Fear of losing a competitive edge might be keeping health IT vendors from talking about the usability of their products, but some developers suggest there’s a way around that.
The Agency for Healthcare Research & Quality (AHRQ) has published the findings of interviews conducted with electronic health records (EHR) vendors in a report, “.” Eight vendors participated in semistructured interviews with researchers, discussing the ways usability plays a role in the entire development cycle of an EHR, from design to testing, as well as current industry practices for optimizing usability.
As the findings suggest, however, there isn’t much research out there regarding EHRs’ ease of use, or their look and feel. While vendors say that end users are an integral part of their EHR design process, formal standards and best practices that guide usability are lacking.
Part of the problem is vendors’ reluctance to open up. Software developers talk internally with their users about bugs in systems, updates and new features; but they rarely disseminate their best practices across the industry, according to the AHRQ report. “While all were eager to take advantage of any resources commonly applied across the industry, few were comfortable with sharing their internally developed designs or best practices for fear of losing a major component of their product’s competitiveness,” the report stated.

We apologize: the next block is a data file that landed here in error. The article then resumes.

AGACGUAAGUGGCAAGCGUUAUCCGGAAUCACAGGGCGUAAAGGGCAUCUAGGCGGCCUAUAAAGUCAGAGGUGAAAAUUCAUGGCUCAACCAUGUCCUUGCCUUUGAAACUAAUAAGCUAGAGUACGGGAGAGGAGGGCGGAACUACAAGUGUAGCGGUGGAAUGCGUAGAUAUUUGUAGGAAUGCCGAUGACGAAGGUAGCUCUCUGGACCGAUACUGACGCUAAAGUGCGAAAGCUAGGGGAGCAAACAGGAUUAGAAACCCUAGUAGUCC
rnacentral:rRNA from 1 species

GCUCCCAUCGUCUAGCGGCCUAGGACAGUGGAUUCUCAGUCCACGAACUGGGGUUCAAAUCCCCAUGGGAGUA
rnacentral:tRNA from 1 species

The vendors in the survey suggested the industry create an independent body that would oversee usability issues, and ensure that best practices and information were shared across competitors. The agency agreed. Among its recommendations, ARHQ said, “Simply deeming an EHR usable or not usable does not create or disseminate standards and best practices for design. The market can provide direction, but more must be done to document trends and best practices, create new standards for design, and regulate implementation across the industry.”